This dissertation interprets the meaning and application of the concept unconscionable conduct as well as the factors that constitute unconscionability, contained in section 40(1) of the Consumer Protection Act 68 of 2008 (CPA), by comparing consumer laws and definitions from different countries with South Africa.
This dissertation illustrates that the generic term unconscionable conduct is not well known in South Africa, despite the provision thereof in the CPA. There is consequently uncertainty regarding this concept and it is therefore necessary to include a more in depth definition and explanation.
The dissertation furthermore attempts to establish concrete definitions for the unconscionability factors such as, physical force against a consumer, coercion, undue influence, pressure, duress or harassment and unfair tactics. These factors are not defined anywhere in the CPA and well-constructed definitions will reduce uncertainty and interpretation problems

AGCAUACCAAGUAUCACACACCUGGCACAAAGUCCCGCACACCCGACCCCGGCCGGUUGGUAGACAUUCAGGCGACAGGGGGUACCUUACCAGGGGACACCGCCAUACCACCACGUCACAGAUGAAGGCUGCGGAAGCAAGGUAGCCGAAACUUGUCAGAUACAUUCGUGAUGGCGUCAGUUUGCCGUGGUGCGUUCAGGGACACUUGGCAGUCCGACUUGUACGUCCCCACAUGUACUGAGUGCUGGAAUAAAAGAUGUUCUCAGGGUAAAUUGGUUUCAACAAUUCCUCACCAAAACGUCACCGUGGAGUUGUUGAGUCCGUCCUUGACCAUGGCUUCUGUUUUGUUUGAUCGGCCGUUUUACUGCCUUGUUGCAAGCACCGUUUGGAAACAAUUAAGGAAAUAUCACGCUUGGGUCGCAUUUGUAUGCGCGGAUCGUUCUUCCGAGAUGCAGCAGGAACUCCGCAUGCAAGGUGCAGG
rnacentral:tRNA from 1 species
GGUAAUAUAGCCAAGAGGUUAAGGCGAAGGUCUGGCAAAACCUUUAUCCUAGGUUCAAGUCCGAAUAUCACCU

Two conclusions can be drawn from this dissertation:
Firstly, that the concept of unconscionable conduct must be expanded, improved and explained. This will ensure that all suppliers know the consequences of unconscionability and that the consumer can have the peace of mind to know they will be protected under all circumstances.
Secondly, that the CPA must be improved with regards to the factors of unconscionability. By removing unnecessary factors and providing concrete definitions to the remaining factors will ensure that the entire concept is easier to understand and apply.
Mini Dissertation (LLM)--University of Pretoria, 2015.